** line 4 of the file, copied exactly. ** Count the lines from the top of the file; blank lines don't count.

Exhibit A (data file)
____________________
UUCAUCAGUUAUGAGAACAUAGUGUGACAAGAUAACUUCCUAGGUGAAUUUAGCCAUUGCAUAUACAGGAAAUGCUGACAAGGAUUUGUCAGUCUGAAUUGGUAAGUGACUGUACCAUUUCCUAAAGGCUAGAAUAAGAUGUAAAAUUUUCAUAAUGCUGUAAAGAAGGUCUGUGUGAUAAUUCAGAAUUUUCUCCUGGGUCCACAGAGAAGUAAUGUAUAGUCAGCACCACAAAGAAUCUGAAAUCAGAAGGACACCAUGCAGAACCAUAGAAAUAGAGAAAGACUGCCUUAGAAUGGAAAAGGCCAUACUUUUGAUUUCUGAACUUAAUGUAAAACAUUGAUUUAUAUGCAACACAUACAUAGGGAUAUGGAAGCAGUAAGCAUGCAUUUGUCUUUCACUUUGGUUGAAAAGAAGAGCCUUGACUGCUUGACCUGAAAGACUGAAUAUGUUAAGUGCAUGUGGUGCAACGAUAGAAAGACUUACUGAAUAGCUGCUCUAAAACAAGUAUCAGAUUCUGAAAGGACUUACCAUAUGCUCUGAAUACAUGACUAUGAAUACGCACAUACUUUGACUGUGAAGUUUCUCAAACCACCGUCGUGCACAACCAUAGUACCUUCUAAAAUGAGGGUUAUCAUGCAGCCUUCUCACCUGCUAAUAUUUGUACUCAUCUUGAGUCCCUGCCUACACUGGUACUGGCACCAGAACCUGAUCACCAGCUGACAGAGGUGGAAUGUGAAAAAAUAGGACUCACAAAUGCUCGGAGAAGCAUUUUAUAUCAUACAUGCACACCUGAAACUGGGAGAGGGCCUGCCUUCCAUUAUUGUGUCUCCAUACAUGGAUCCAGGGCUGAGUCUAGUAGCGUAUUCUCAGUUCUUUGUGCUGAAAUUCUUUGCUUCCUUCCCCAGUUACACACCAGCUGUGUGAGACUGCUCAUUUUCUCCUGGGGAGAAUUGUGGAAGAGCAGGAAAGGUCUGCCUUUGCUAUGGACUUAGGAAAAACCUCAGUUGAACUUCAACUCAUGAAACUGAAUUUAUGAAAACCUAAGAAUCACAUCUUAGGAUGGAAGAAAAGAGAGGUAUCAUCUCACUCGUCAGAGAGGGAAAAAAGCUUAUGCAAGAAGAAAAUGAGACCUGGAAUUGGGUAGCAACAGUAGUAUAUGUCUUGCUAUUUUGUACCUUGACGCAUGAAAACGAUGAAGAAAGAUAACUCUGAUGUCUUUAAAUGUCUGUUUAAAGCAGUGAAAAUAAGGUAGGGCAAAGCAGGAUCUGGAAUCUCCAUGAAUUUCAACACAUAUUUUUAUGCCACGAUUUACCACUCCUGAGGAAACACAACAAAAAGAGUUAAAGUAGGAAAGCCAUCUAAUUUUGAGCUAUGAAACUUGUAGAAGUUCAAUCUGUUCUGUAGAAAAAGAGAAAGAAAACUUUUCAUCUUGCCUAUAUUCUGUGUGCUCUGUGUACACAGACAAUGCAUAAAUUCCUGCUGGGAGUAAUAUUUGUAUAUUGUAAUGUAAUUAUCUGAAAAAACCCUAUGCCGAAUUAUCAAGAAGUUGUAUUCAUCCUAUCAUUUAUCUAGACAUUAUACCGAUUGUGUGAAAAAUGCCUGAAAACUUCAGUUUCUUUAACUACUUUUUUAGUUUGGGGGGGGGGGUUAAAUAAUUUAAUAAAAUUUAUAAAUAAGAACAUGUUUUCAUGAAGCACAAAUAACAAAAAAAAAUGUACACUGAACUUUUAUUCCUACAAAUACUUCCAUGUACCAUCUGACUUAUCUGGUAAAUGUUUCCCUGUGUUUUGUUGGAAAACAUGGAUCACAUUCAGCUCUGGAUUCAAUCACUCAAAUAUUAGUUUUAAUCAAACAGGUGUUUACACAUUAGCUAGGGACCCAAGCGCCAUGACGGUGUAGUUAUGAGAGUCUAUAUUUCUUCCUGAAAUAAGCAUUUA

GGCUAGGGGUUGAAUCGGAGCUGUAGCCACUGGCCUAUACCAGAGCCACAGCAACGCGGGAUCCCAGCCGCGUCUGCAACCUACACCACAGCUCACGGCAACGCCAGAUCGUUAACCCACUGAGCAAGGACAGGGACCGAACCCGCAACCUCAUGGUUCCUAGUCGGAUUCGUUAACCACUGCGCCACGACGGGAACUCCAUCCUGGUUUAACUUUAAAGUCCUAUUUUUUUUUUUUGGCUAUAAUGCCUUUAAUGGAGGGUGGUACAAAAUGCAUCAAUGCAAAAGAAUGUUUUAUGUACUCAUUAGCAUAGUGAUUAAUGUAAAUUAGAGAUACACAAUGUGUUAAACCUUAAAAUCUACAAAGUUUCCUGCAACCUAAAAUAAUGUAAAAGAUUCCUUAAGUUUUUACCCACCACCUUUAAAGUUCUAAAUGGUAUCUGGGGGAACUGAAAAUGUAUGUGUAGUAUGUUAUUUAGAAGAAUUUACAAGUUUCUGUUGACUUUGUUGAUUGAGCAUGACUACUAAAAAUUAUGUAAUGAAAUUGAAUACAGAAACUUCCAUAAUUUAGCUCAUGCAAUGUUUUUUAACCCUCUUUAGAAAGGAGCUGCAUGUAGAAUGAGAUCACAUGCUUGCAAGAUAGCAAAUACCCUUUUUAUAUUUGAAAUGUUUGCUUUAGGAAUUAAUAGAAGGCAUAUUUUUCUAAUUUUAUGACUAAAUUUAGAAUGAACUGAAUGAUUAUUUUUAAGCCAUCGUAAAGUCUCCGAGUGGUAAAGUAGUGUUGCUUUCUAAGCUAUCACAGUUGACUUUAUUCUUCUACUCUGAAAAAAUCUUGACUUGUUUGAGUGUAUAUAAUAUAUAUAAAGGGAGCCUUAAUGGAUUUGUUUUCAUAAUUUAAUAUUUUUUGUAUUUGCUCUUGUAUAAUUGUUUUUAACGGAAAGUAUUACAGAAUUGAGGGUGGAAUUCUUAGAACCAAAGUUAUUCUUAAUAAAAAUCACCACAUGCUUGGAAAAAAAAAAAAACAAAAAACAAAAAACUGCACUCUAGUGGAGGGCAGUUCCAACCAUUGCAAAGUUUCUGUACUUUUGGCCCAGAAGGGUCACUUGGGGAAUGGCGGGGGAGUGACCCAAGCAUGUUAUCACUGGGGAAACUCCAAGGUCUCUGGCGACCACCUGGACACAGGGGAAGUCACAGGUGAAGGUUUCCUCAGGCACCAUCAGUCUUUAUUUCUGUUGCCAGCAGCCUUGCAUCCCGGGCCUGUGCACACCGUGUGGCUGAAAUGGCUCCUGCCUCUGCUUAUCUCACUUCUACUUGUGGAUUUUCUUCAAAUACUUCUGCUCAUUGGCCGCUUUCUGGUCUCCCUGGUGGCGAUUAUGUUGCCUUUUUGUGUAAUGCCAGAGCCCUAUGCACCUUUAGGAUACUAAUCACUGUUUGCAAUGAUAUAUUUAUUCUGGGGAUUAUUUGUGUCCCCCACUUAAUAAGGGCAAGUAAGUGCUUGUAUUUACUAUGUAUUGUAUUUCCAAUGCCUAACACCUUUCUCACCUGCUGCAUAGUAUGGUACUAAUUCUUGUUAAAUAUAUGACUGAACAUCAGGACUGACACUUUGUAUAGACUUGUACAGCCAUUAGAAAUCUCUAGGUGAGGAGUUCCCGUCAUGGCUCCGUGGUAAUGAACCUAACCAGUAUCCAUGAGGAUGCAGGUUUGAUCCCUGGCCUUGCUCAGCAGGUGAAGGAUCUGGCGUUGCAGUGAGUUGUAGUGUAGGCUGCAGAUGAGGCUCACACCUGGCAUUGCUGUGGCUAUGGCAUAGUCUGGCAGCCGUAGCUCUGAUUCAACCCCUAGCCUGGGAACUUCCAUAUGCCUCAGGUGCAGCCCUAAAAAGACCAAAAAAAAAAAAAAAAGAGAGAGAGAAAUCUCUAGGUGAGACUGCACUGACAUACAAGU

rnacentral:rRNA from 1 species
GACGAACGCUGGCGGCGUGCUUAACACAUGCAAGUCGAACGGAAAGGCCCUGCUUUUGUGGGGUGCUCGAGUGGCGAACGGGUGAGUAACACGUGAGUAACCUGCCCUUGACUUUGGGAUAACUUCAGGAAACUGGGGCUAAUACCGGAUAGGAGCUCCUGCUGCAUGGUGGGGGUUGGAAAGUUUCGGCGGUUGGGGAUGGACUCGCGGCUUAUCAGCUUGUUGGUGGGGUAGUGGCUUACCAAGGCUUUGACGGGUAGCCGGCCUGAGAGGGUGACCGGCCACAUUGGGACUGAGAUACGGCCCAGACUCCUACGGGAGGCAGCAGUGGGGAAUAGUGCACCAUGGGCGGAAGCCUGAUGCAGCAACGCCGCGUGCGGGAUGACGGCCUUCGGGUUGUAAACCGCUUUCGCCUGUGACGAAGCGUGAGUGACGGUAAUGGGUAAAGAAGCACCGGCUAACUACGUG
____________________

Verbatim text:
GACGAACGCUGGCGGCGUGCUUAACACAUGCAAGUCGAACGGAAAGGCCCUGCUUUUGUGGGGUGCUCGAGUGGCGAACGGGUGAGUAACACGUGAGUAACCUGCCCUUGACUUUGGGAUAACUUCAGGAAACUGGGGCUAAUACCGGAUAGGAGCUCCUGCUGCAUGGUGGGGGUUGGAAAGUUUCGGCGGUUGGGGAUGGACUCGCGGCUUAUCAGCUUGUUGGUGGGGUAGUGGCUUACCAAGGCUUUGACGGGUAGCCGGCCUGAGAGGGUGACCGGCCACAUUGGGACUGAGAUACGGCCCAGACUCCUACGGGAGGCAGCAGUGGGGAAUAGUGCACCAUGGGCGGAAGCCUGAUGCAGCAACGCCGCGUGCGGGAUGACGGCCUUCGGGUUGUAAACCGCUUUCGCCUGUGACGAAGCGUGAGUGACGGUAAUGGGUAAAGAAGCACCGGCUAACUACGUG